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Kearney data center tripling its computing power
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Kearney data center tripling its computing power

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Compute North

Compute North’s data center occupies part of a five-acre tract in Kearney’s tech park. The data center announced this week it is tripling its computer power to accommodate its expanding customer base.

KEARNEY — Compute North announced this week it plans to triple the computing power of the data center it launched at the city of Kearney’s TechoNE Crossing in August 2019.

Among the data center’s current customers are cryptocurrency traders, but in just a few years, the facility’s computing power could play a role in development of autonomous cars, said Marshall Johnson, president of Compute North.

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Initial plans for the five-acre complex included a $7.65 million facility that would consume about 20 megawatts of energy. That’s about equal to 20% of Kearney’s electrical demand.

Once expanded, the company based in Eden Prairie, Minnesota, expects to consume three times more power.

Johnson is not disclosing how much Computer North will pay for the expansion, but said, “we’re more than doubling our investment in the whole Kearney community.”

He said the pandemic economy is contributing to Compute North’s growth, and that his company is working hard so it can continue growing.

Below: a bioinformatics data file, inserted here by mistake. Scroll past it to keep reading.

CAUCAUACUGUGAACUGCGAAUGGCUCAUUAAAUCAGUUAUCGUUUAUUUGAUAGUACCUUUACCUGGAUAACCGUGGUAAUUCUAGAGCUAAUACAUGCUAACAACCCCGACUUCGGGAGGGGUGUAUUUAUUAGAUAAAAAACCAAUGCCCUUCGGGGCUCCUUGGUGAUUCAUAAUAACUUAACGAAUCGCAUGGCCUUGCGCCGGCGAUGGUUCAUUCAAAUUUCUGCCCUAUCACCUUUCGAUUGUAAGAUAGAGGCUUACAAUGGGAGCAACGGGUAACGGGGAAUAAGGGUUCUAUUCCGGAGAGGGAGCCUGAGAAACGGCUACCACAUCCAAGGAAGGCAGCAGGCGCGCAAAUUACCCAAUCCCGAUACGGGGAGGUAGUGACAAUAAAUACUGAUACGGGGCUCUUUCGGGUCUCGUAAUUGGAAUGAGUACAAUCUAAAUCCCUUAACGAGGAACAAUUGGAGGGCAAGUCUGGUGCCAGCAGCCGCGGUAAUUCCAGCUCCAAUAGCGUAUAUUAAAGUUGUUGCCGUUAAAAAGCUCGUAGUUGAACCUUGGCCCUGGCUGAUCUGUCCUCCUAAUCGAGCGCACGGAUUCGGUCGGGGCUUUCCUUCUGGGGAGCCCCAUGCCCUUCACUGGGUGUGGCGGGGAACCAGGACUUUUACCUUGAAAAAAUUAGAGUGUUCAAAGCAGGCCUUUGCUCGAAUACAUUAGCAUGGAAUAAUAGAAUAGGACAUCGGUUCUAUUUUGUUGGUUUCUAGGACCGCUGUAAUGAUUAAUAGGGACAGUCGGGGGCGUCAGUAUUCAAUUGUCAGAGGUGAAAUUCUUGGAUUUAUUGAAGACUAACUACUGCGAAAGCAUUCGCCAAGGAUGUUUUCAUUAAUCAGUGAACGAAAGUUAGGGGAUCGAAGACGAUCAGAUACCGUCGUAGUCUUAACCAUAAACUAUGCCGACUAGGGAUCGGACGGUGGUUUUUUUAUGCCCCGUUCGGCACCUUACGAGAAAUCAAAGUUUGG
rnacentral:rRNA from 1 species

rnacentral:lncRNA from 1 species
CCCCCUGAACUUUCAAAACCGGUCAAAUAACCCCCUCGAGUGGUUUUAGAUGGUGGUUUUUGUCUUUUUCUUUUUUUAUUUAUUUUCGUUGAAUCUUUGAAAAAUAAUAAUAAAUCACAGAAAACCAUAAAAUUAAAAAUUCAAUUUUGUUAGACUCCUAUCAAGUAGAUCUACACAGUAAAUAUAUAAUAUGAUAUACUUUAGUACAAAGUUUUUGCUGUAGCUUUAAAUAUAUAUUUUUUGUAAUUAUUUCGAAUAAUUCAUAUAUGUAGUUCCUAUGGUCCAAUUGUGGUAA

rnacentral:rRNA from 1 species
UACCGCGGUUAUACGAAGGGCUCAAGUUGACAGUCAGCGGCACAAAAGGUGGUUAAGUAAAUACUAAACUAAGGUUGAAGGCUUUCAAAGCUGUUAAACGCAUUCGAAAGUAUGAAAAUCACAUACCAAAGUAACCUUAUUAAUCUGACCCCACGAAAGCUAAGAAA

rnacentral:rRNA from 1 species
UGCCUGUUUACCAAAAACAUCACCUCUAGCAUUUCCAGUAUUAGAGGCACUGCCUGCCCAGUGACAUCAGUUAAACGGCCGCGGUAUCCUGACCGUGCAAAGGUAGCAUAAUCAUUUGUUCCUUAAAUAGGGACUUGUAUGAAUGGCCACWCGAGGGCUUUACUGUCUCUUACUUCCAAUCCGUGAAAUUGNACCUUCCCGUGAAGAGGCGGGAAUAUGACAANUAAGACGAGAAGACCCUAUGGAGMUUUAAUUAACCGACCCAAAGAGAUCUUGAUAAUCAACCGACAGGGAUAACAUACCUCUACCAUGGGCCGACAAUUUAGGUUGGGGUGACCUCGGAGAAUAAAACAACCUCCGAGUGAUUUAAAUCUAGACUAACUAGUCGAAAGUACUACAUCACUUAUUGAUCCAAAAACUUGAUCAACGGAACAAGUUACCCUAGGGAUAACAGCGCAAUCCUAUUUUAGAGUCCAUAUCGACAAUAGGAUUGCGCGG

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Compute North credited Nebraska Public Power District for its track record for reliability, for its diverse renewable power blend and for its willingness to answer the data center’s power demands.

NPPD is expanding its substation at TechoNE Crossing to accommodate the Compute North expansion, Kearney Mayor Stan Clouse said. Clouse is an account manager for NPPD.

Darren Robinson, president of the Economic Development Council of Buffalo County, said projects like Compute North’s are a result of “quality partnerships. I am thankful for the leadership and support from Compute North, the city of Kearney, Nebraska Public Power District, the EDC of Buffalo County Board of Directors and the Nebraska Department of Economic Development.”

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Clouse said the data center’s expansion is a win for all: Compute North gets reliability and favorable electric rates; NPPD can sell some of its excess capacity; and the electricity sales will produce some revenue for the city.

The city of Kearney owns the power lines and equipment NPPD uses to deliver electricity in Kearney, so the utility pays a lease fee to the city. It amounts to millions of dollars per year.

Compute North currently employs six at its TechoNE facility. That number will grow as business expands, Johnson said.

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